The Bayes theorem is a mathematical formula that allows you to calculate the probability of an event, based on the prior probability of that event and the likelihood of observing evidence for that event. In other words, it allows you to calculate the probability of something happening, after taking into account what you already know about it.

To use the Bayes theorem, you need to know three things: the prior probability of an event happening (usually represented by P), the likelihood of observing evidence for that event (represented by L), and the conditional probability of observing evidence for an event, given that it has already happened (represented by P(E|H)). Once you have these three values, you can use them to calculate the posterior probability of the event happening (represented by P(H|E)).

The posterior probability is simply the product of the prior probability and the likelihood, divided by the conditional probability. In other words, it is:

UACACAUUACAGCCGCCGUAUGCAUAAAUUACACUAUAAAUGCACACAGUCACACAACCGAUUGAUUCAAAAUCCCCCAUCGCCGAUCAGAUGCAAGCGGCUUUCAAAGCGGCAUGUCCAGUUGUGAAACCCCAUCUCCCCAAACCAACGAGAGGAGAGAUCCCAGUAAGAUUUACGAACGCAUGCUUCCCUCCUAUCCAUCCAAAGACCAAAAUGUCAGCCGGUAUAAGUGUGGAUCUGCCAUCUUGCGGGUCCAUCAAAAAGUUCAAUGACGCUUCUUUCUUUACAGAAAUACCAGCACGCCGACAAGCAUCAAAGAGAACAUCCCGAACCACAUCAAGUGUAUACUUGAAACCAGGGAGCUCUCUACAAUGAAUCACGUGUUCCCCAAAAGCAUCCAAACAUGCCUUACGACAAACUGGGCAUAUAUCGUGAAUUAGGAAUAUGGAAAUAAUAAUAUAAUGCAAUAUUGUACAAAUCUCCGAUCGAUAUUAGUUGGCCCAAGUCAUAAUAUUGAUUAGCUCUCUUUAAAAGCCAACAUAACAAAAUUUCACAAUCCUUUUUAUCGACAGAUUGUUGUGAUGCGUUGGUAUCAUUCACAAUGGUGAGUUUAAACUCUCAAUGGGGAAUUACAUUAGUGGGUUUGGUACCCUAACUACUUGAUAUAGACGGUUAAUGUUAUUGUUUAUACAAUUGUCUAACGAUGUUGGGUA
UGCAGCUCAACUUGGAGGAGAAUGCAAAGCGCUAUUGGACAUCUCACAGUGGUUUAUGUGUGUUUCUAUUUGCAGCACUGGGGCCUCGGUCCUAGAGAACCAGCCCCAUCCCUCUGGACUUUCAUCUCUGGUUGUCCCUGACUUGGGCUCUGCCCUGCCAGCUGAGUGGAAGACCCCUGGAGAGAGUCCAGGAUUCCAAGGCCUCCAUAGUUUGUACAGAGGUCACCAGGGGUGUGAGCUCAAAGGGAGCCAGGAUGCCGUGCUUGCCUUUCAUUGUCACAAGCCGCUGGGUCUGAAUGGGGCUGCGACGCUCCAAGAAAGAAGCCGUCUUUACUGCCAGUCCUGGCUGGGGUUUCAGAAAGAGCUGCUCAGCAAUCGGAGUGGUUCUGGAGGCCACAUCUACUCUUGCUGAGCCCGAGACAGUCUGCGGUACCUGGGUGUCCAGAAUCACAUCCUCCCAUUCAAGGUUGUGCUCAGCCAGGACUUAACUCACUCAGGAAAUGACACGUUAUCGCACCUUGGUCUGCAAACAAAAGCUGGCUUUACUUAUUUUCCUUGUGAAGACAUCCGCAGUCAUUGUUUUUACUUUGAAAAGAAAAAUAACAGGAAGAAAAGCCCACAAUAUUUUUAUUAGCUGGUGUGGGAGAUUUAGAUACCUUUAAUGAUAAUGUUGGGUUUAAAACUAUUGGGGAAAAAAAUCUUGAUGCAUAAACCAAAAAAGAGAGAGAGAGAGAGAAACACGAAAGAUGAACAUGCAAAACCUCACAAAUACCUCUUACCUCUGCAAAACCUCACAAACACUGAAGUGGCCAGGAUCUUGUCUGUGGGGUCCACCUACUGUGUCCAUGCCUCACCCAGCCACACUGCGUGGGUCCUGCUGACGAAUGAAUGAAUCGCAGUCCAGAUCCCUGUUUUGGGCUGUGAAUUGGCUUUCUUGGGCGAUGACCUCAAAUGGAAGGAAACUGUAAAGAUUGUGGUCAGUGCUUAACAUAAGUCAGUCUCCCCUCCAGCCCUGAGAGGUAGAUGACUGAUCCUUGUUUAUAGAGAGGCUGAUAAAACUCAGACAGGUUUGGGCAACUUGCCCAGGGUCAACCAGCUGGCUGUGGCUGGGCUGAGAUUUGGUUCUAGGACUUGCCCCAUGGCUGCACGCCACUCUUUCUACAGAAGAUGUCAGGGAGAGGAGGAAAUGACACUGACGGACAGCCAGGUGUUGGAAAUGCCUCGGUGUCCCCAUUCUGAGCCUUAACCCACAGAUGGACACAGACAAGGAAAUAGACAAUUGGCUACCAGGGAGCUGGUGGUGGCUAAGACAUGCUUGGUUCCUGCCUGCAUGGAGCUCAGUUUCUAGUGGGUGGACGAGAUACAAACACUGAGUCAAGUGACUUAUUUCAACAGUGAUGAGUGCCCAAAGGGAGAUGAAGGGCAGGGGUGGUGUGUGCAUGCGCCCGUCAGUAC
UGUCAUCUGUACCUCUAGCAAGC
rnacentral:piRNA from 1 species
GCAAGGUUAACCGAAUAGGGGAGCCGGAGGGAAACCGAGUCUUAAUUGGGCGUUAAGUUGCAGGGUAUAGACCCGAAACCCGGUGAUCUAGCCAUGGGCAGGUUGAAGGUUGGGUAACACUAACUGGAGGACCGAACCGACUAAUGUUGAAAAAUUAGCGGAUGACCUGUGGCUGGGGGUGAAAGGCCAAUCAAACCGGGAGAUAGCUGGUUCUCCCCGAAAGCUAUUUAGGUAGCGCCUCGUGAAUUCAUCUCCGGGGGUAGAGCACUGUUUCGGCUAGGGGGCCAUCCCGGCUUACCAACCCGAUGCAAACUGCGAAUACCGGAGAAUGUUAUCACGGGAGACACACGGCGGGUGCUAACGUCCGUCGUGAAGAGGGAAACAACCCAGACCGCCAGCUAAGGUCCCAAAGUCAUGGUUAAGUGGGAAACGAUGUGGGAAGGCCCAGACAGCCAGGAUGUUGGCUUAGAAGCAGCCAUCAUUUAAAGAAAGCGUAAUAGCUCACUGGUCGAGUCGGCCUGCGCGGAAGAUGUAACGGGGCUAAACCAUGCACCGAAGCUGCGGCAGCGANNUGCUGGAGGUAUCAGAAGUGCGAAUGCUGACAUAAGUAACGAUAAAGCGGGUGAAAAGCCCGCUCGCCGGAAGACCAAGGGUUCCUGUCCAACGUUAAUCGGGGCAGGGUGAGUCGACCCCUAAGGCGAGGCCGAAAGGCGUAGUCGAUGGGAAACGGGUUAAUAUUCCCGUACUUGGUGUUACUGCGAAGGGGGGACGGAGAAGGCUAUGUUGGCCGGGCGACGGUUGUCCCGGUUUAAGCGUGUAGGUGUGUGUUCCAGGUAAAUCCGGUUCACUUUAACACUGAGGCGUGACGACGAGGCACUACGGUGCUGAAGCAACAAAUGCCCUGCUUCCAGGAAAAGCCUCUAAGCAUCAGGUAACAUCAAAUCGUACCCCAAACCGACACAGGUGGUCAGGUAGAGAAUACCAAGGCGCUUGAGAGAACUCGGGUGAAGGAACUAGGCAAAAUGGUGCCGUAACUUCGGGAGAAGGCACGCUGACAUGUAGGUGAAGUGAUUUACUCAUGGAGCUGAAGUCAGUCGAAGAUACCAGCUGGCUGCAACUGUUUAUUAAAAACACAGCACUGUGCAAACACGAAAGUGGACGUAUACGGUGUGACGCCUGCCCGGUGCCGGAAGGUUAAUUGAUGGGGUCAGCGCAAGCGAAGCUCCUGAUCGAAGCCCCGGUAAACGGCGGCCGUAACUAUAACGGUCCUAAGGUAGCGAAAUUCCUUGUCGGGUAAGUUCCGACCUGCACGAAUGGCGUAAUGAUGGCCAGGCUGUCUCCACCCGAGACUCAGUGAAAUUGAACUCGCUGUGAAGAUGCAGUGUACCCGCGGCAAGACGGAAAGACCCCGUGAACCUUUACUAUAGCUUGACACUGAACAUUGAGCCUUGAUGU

Posterior Probability = (Prior Probability × Likelihood) / Conditional Probability

For example, let’s say you’re trying to calculate the probability that it will rain tomorrow. The prior probability of rain is 0.3 (30%), the likelihood of rain is 0.9 (90%), and the conditional probability of rain is 0.8 (80%). Plugging these values into the formula, we get:

P(Rain|Tomorrow) = (0.3 × 0.9) / 0.8

P(Rain|Tomorrow) = 0.27 / 0.8

P(Rain|Tomorrow) = 3.375

Therefore, the posterior probability that it will rain tomorrow is 3.375 (33.75%).